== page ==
Sunday, June 25, 2017

A Grandmother's Story - Chapter 1

My mom wants to share our story from her perspective, so she'll be guest blogging a series for us. She (Nanny) has been there for everything, even giving him his first bath after coming home from the hospital 21 years ago as a newborn (see picture), to staying with him in the hospital at diagnosis almost 5 years ago. I hope you enjoy her story!  

Early Friday morning August 24, 2012:

The phone was ringing.  Our daughter Cassie was calling to tell us that our 16 year old grandson, Seth, had been taken from the ER of the local hospital to Children’s Hospital in Dallas in ICU.

Seth had been diagnosed with Type 1 diabetes.

What should we do?  Come to the hospital?—(I hate Dallas traffic with a passion!)

Her answer was no, not just yet.  Only two people could be in the critical unit and she and Jason wanted to be with him.

We stayed in touch by phone throughout the day.  By late afternoon Seth was becoming stable.  He would remain in ICU for a couple of days and then move to a regular room.

School was to begin on Monday.  Cassie and Jason are both school teachers.
I could not imagine how school teachers could miss the first day of school.  What to do?

The only plan I could think of was to go to the hospital on Sunday so they could go home and prepare for the next day.


I called Cassie to tell her that her dad and I would come to the hospital Sunday and that I would spend the night at the hospital with Seth when he was moved to a regular room.  (I still hate the idea of Dallas traffic!)

Our son, who lives near us, agreed to take us to Dallas Sunday.

…But there was a problem.  In order for me to stay with Seth at the hospital I would have to come to a short “training session” with the nutritionist.
I agreed.

There was much to consider.  We were all aware that something was terribly wrong with Seth.

He was a summer life guard at the local swimming pool and was also a drummer in the high school band.  He was loosing weight and was tired from all the summer activities, especially with band practice in the evenings in this terrific Texas summer heat.

Seth had completed his Boy Scout Eagle project and his award ceremony had been on Sunday afternoon just five short days ago.  Seth was so thin and pale.  Another grandmother and I were shocked to see how bad he looked.  The Eagle ceremony was quite impressive, but all we could think about was how sick Seth was.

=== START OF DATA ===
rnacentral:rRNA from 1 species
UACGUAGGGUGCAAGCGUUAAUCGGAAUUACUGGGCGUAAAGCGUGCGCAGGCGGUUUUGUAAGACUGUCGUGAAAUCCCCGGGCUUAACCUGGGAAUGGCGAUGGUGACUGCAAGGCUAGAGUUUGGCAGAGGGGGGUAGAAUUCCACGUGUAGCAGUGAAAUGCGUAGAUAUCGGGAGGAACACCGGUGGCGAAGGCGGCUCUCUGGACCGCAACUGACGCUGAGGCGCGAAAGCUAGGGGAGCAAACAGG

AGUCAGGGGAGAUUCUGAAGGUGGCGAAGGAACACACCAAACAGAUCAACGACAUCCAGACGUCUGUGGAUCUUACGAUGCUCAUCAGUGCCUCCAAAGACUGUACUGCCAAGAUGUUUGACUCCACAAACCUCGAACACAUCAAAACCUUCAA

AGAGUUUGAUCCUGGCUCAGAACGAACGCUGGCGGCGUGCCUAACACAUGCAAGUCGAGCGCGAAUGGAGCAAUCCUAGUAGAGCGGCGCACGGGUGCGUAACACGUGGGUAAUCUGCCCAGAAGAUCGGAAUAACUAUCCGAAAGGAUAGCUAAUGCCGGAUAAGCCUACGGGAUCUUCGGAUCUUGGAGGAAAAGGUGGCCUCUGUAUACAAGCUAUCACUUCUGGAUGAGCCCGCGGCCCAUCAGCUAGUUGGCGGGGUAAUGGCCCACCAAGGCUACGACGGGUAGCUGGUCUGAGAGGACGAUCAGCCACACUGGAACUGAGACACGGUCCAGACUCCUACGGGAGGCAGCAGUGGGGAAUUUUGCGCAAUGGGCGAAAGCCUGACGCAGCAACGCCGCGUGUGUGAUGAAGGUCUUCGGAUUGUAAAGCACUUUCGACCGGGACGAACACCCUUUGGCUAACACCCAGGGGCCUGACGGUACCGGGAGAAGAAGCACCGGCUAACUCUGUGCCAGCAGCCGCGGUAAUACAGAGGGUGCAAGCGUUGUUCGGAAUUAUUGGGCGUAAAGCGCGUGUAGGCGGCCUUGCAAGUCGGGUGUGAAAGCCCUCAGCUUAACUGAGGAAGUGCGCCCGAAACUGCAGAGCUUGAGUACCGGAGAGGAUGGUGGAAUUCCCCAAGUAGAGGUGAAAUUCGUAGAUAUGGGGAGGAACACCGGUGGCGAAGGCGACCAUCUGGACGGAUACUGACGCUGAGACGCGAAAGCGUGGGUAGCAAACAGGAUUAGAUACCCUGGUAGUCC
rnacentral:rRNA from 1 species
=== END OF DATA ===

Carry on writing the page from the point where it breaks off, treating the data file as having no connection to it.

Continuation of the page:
His dad called the doctor Monday.  Seth was misdiagnosed with mono.  We have been told that misdiagnosis is quite common and that even very good doctors make this mistake.


The nutritionist at Children’s Hospital was very thorough.  There would be a very strict diet to follow for the first month.  All food and insulin would be monitored and reported until a regimen could be established.

Finally, it was time for Seth to leave ICU and be transferred to a room.

Cassie and Jason left the hospital to make plans for the school day on Monday.
Our son took his dad home.

It was now just Seth and me in a hospital room with nurses and doctors to help us begin this new way of life.

It takes a few minutes to get situated in a hospital room.  Unpack a bag.  Figure out where to put your extra clothes and toothbrush.  Is there any way to make a bed in this room so I can stretch out for the night?

In comes a nurse.  We must select items from a menu for our evening meal.  There’s a list with carb counts and several pages of with menu selections, numbers and boxed to check.  Meat: ok.  Vegetables:  maybe. Fruit: you have to count the grapes and make it add up to the correct numbers.

Seth makes a few choices and I decide to choose from the same menu and add everything up—just for the practice.

In comes another nurse.  In order for me to leave the hospital with Seth tomorrow I must administer the insulin injection.

Are you kidding?  I don’t think I can do that!

However, I certainly did plan to take Seth with me when I left that hospital.  I took the syringe in hand, and with detailed instructions from the nurse, drew up the insulin and stuck that needle into Seth’s arm.

It’s amazing what you can do when you don’t have a choice!

Our meals are ordered, we have settled in the room (kinda), so what next?

My husband and I had toured the hospital and had seen the amazing train collection.  Seth said he felt like getting out of the room now.  I asked a nurse for a wheelchair so that we could go exploring.  The railroad display at Children’s Hospital is certainly a tour worth taking and Seth seemed to enjoy being able to get out of the room for a little while.

Back in the room, we had our supper (counted grapes and all), filled out the proper paper work and attempted to settle down for the night.  The nurses would take care of all the necessary blood checks, insulin injections, etc.  We don’t have to worry about that until tomorrow.

Sleep came restlessly, but did come.  Praise the LORD for a little rest.

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